Weed Like Some More Please – Cannabis Edibles 101

When you think of cannabis, chances are you think of someone smoking a joint or firing up a bowl.  However, there's more than one way to skin a cat. Throughout the world there is a growing movement to embrace a more health-conscious lifestyle, leading many people to search for different ways of ingesting cannabis.

And for an increasing number of consumers, edibles are the answer.

ArcView Group sees the cannabis edible market quadrupling in the next 3 years, reaching an enormous USD $4.2 billion by 2022. A large factor leading the group to reach this figure is Canada's burgeoning legalization of edibles slated for October this year.

Unlike smoking cannabis, which can introduce harmful toxins and carcinogens into your lungs, edibles provide many of the same benefits in a healthier manner. As they also contain vitamins, minerals and antioxidants in addition to their relaxing effects, it's easy to see why edibles are becoming such a popular choice.

Many celebrities are also endorsing edibles, such as Whoopi Goldberg, Mike Tyson, and professional skateboarder Matt Miller, who we recently interviewed about his use of CBD.

So let's take a look at why an increasing number of people are taking a bite out of edibles.

 

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Pick Your Pleasure: Different Types of Edibles

There's one main distinction between edibles that you'll want to be aware of—the differences between CBD-isolate, marijuana-derived and full-spectrum edibles.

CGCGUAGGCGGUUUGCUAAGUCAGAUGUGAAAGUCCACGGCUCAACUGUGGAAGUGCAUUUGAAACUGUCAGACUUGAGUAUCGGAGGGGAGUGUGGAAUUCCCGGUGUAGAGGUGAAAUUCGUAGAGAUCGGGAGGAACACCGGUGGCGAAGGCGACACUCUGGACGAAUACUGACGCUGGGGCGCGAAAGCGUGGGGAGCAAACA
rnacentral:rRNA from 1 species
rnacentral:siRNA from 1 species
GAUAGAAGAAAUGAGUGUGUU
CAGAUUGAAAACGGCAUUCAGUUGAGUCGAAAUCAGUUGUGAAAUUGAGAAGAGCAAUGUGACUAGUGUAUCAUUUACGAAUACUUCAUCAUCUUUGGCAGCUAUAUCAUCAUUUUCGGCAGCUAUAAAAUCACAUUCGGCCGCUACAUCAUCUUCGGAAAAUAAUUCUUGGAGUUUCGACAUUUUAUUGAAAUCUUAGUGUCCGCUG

To put it simply: do you want to get high or not?

If the answer is no, but you still want the benefits of CBD, then you'll want to find some CBD-isolate, or full-spectrum CBD edibles.

CBD-Isolate Edibles.

CBD isolate edibles are as the name suggests: Pure CBD. This means that all other cannabinoids, including THC have been stripped from the extract leaving nothing but CBD behind.

Because of their non-existent THC content, CBD-isolate edibles are typically preferred over full-spectrum edibles for those that have to face drug tests regularly at work.

While full-spectrum CBD edibles should still only contain trace amounts of THC, there have been cases where individuals who take full-spectrum CBD have failed drug tests due to THC being present in their bloodstream.

Though generally speaking, these cases are quite rare. As long as the CBD is hemp-derived and has THC levels less than 0.3%, full-spectrum CBD is legal in pretty much every U.S. state.

 

And, as we mentioned earlier, Canada is set to legalize edibles in October, one year after they legalized cannabis, which will be a big boom for the edibles market.

Though it hasn't been all cookies and brownies for the edibles industry, as it appears legislators did not foresee the boom in CBD-based edibles, following the passing of the 2018 US Farm bill.

The Farm Act legalized hemp cultivation, which supercharged the CBD industry. However, because of CBD's rapid entrance in to the market, regulatory bodies have had little chance to give it the legal green light. Despite this, restaurants and cafes have been touting CBD as the next superfood and are already incorporating it into drinks, meals and desserts.

While evidence does seem to suggest there are copious health benefits to CBD, states such as New York, Ohio and Maine are putting their feet down on the edibles craze. Restaurants and cafes in these states are receiving warnings, fines and seizures of their CBD products, with a New York official stating that, "restaurants in New York City are not permitted to add anything to food or drink that is not approved as safe to eat".

"Until cannabidiol is deemed safe as a food additive, the department is ordering restaurants not to offer products containing CBD," the official said.

This has put a bit of a spanner in the works for those in these industries who've incorporated CBD products into their menus for years.